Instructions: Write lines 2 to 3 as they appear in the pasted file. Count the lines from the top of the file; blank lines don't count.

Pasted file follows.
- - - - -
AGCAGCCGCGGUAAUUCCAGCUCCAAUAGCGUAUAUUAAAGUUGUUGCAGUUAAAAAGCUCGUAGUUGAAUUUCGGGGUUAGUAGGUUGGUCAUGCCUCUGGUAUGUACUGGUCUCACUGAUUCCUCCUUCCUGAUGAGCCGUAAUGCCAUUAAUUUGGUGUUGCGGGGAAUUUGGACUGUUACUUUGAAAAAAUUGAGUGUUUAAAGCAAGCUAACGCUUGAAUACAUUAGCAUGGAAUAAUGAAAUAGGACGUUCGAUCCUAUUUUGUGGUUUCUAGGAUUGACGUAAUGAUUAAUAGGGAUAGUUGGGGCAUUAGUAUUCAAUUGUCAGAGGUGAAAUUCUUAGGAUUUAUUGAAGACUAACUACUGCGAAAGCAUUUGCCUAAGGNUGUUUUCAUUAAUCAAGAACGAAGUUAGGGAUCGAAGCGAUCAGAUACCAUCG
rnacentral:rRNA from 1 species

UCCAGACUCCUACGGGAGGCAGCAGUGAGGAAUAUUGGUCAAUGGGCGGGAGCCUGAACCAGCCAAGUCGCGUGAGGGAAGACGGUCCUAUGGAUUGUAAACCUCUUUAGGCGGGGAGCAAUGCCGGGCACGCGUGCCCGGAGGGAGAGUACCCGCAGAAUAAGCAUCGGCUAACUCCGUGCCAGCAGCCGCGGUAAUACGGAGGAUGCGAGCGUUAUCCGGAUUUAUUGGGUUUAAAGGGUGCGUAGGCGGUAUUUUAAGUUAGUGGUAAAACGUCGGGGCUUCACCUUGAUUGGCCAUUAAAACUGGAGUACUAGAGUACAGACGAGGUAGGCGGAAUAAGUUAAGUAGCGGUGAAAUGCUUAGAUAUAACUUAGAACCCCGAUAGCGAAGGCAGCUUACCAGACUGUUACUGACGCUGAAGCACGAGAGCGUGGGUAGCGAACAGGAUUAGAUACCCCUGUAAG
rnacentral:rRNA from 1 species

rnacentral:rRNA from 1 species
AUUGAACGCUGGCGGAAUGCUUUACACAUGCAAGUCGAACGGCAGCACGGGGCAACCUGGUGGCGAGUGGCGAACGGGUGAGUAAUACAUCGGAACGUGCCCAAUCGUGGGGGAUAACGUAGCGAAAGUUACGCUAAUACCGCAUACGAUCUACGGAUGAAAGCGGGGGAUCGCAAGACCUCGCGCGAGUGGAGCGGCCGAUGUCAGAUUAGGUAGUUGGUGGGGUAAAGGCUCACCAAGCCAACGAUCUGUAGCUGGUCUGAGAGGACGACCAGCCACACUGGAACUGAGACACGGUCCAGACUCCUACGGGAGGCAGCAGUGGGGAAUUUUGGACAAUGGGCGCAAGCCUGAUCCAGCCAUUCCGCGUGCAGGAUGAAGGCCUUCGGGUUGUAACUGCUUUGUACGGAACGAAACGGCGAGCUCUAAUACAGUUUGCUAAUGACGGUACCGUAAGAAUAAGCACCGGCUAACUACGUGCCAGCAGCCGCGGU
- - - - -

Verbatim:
rnacentral:rRNA from 1 species

UCCAGACUCCUACGGGAGGCAGCAGUGAGGAAUAUUGGUCAAUGGGCGGGAGCCUGAACCAGCCAAGUCGCGUGAGGGAAGACGGUCCUAUGGAUUGUAAACCUCUUUAGGCGGGGAGCAAUGCCGGGCACGCGUGCCCGGAGGGAGAGUACCCGCAGAAUAAGCAUCGGCUAACUCCGUGCCAGCAGCCGCGGUAAUACGGAGGAUGCGAGCGUUAUCCGGAUUUAUUGGGUUUAAAGGGUGCGUAGGCGGUAUUUUAAGUUAGUGGUAAAACGUCGGGGCUUCACCUUGAUUGGCCAUUAAAACUGGAGUACUAGAGUACAGACGAGGUAGGCGGAAUAAGUUAAGUAGCGGUGAAAUGCUUAGAUAUAACUUAGAACCCCGAUAGCGAAGGCAGCUUACCAGACUGUUACUGACGCUGAAGCACGAGAGCGUGGGUAGCGAACAGGAUUAGAUACCCCUGUAAG